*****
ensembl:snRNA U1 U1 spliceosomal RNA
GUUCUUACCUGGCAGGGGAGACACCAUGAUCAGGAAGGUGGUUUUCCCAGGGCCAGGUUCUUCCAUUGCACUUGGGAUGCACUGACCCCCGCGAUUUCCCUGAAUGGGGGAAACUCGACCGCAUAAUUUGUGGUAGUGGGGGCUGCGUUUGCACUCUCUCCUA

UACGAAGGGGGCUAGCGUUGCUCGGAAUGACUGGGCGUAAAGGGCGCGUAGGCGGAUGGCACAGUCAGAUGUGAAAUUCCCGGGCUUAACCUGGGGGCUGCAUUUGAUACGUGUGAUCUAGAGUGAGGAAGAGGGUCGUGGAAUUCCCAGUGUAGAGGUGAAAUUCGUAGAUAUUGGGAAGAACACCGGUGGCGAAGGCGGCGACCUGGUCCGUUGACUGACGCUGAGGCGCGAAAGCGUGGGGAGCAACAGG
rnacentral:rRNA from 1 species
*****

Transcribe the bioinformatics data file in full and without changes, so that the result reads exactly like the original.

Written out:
ensembl:snRNA U1 U1 spliceosomal RNA
GUUCUUACCUGGCAGGGGAGACACCAUGAUCAGGAAGGUGGUUUUCCCAGGGCCAGGUUCUUCCAUUGCACUUGGGAUGCACUGACCCCCGCGAUUUCCCUGAAUGGGGGAAACUCGACCGCAUAAUUUGUGGUAGUGGGGGCUGCGUUUGCACUCUCUCCUA

UACGAAGGGGGCUAGCGUUGCUCGGAAUGACUGGGCGUAAAGGGCGCGUAGGCGGAUGGCACAGUCAGAUGUGAAAUUCCCGGGCUUAACCUGGGGGCUGCAUUUGAUACGUGUGAUCUAGAGUGAGGAAGAGGGUCGUGGAAUUCCCAGUGUAGAGGUGAAAUUCGUAGAUAUUGGGAAGAACACCGGUGGCGAAGGCGGCGACCUGGUCCGUUGACUGACGCUGAGGCGCGAAAGCGUGGGGAGCAACAGG
rnacentral:rRNA from 1 species